Free Radicals Tri Club’s Graham Pemberton did Cairns Half Ironman (70.3) yesterday, forming part of the strong Townsville contingent that travelled north for the iconic annual event. Here he reflects on the race, examining what it takes to tackle and conquer such a monumental task.
“60km to go for the 70.3 people and it was all into wind! How hard must it have been for the IM, who had to do this loop twice!”
From first-timers and veterans, to the Prince of Bahrain and Grant ‘Scooter’ Patterson (who didn’t let his rare form of dwarfism stop him from smashing the course and inspiring every single person around him); Cairns Ironman (IM) and Half Ironman (70.3) just gets bigger and better every year.
But with every passing year we see a new breed take on the challenge and push their bodies through the pain and torture… why? Because the rewards are just as big and the emotional release is euphoric – it’s something that cannot be described in words. You have to experience it to understand why.
This year saw the biggest contingent ever from Townsville make the annual pilgrimage to the event, with individuals and teams drawn from the Free Radicals Tribe Triathlon Club, the Townsville Triathlon Club, NQ CATS squad, plus a number of individuals – 100+ competitors along with their families and support crew. All participants were there for a purpose: All had a job to do – compete or support. The day would be long, with many memories and emotions.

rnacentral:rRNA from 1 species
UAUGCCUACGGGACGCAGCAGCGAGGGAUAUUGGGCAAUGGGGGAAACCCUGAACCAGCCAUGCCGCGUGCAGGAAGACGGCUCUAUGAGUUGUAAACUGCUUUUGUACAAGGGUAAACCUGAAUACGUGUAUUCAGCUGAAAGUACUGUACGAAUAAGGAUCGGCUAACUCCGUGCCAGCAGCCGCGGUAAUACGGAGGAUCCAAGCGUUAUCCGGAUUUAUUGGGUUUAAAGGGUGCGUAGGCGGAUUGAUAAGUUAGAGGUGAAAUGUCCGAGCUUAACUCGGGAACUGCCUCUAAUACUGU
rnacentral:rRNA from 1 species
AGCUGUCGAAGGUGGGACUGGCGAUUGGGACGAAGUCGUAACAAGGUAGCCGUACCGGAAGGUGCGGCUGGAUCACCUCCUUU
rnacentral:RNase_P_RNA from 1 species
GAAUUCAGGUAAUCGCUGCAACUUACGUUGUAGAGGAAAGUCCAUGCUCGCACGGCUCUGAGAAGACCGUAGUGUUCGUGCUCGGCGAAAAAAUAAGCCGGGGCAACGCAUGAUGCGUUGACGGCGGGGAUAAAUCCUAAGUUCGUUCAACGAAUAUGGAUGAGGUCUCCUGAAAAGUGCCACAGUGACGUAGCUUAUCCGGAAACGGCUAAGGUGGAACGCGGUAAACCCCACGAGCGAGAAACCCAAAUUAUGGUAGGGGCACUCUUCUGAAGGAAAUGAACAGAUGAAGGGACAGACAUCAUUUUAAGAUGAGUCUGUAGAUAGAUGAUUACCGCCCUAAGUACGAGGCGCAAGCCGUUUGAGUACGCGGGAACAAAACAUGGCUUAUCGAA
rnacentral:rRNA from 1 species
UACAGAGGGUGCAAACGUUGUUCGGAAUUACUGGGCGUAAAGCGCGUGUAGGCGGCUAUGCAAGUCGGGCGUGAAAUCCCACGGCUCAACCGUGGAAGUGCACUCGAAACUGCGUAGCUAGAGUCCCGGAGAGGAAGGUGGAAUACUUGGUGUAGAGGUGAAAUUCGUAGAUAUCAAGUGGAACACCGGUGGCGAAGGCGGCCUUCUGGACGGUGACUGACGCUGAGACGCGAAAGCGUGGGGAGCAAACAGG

“No matter how fit you are, or how well you have prepared or trained; this is where the demons come to get you”
Dawn, the day of the event: Light rain with a forecast of more to come and high winds. The competitors doing the Ironman would fight through a 3.8km rough sea swim, a 180km bike, and finish with a gruelling marathon – 42km of pain and, finally, elation. The 70.3 athletes also had a tough a job with a 1.9km open water swim, a 90km bike and a 21km run.
This is a unique event in Australia as it’s the only time where a 70.3 is run alongside a full IM, which is a big benefit for the 70.3 athletes as there’s more infrastructure on the course for support.
On the beach it was still dark, but the place was buzzing as 3,000+ athletes and supporters took over the seafront of the tiny Palm Cove community. The atmosphere was charged with excitement and nervousness. There was a quick warm up, the all-important bottom check, and then the athletes started to line up. It was eerily quiet as the starter counted down. The Pro wave was off first, and then the soft sand shuffle began as the rest of the athletes moved forward in a controlled manner, crossing over the start line and diving into the grey unwelcoming sea. The next to go, the swim for the 70.3 athletes was a fast, one-way trip to where their bikes were racked, while the IM athletes had to navigate a difficult M-shaped course and return to the start point where they would begin the 180km bike.
“Anyone under those times did remarkably well. Anyone who attempted to do it also did remarkably well. Anyone who finished either is exceptional”